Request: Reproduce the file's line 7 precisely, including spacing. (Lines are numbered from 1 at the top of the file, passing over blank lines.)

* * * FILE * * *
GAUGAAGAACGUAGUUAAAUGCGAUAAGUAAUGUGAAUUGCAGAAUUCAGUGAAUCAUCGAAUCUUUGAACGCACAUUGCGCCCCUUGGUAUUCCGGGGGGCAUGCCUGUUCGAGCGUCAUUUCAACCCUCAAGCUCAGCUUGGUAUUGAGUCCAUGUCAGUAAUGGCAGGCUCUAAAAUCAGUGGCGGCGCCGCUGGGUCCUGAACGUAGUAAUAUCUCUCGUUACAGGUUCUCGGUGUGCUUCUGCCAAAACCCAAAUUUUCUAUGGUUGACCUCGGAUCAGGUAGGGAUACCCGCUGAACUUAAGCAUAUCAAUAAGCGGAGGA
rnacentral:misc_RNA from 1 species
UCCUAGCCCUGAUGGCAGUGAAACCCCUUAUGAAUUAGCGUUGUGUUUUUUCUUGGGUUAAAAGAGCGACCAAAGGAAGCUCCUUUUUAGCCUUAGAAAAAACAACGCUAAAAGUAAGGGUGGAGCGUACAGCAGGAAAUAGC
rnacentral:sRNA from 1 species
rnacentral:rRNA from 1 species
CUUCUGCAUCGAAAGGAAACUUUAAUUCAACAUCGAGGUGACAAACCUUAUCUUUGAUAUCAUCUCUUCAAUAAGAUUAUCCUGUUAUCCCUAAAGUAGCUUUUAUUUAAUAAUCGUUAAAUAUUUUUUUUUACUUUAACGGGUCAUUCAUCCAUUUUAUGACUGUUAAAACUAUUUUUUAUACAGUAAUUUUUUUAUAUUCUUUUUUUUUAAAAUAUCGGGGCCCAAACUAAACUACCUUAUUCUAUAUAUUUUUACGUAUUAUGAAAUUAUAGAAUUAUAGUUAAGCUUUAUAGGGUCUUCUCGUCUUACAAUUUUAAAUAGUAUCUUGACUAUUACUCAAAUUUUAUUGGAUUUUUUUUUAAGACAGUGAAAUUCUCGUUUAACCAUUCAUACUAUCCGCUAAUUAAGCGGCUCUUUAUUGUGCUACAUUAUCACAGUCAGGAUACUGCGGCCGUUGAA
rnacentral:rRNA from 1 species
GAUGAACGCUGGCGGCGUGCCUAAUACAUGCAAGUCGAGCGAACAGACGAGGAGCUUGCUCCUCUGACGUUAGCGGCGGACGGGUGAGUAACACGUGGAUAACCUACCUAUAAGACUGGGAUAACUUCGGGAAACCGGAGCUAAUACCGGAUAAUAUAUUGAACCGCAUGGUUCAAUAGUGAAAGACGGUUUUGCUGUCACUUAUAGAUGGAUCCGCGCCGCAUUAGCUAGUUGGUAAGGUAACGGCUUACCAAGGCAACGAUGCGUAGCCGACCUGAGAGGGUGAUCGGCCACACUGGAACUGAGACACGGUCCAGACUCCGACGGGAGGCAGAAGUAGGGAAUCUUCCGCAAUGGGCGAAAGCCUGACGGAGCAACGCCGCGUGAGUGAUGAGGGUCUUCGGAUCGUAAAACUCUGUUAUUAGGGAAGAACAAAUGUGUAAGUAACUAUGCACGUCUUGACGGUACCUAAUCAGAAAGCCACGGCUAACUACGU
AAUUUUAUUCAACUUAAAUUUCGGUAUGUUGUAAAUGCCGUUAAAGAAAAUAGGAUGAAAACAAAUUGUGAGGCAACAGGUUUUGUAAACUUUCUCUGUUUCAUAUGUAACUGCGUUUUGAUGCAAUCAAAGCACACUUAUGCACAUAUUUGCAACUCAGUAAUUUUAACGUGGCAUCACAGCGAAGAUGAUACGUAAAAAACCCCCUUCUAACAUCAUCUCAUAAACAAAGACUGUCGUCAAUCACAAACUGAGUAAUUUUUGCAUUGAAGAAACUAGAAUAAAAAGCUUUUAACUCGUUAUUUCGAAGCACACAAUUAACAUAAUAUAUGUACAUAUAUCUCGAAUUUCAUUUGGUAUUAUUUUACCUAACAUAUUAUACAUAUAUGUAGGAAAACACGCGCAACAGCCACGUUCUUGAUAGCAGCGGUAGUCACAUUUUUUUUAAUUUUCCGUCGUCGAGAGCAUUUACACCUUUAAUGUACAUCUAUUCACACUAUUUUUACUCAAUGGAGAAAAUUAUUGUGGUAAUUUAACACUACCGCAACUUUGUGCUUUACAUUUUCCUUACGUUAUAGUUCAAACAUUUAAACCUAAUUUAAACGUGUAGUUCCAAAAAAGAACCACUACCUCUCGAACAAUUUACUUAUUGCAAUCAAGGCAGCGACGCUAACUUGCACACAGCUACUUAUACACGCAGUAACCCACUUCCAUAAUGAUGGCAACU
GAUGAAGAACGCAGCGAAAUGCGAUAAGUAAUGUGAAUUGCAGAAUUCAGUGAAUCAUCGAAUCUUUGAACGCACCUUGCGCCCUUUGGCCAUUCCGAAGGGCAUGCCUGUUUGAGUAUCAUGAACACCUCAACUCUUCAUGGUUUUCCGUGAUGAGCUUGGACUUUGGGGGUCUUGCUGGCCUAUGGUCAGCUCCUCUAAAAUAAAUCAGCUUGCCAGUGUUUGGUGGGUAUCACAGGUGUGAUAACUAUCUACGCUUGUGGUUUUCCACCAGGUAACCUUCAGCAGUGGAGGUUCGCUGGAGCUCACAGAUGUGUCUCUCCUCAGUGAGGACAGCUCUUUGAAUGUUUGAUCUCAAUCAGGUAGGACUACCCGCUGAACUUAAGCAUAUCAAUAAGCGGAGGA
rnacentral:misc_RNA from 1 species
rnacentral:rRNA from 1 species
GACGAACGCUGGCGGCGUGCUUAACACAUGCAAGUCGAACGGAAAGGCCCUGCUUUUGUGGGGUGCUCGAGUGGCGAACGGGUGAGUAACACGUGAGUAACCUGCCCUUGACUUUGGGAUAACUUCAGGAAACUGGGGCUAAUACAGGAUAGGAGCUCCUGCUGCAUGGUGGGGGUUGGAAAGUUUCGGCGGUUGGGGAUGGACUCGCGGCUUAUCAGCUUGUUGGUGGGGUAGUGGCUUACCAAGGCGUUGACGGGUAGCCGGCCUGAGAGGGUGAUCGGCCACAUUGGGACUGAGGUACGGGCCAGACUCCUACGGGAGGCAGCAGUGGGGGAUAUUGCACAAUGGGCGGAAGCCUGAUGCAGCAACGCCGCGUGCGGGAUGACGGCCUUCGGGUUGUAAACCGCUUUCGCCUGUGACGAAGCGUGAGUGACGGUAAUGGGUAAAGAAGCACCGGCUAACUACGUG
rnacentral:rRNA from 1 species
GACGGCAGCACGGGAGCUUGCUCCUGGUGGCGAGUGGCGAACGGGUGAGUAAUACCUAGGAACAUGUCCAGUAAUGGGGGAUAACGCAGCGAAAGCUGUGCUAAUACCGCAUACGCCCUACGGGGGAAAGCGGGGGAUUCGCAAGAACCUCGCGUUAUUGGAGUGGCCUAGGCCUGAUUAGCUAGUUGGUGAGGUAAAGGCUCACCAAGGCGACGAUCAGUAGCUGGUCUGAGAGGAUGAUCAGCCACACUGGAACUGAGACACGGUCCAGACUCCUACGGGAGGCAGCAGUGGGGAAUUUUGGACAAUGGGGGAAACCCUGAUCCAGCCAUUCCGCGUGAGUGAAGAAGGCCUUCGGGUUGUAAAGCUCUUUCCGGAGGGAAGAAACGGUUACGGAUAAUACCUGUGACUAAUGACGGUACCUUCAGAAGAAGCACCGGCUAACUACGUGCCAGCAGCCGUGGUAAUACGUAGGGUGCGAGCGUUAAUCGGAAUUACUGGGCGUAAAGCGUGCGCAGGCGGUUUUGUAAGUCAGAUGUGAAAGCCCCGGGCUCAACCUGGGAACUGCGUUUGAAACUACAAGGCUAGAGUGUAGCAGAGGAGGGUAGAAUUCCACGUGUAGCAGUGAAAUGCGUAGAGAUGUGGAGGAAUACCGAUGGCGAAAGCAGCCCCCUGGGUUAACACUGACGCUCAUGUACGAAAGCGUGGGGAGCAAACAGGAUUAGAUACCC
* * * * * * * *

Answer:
rnacentral:rRNA from 1 species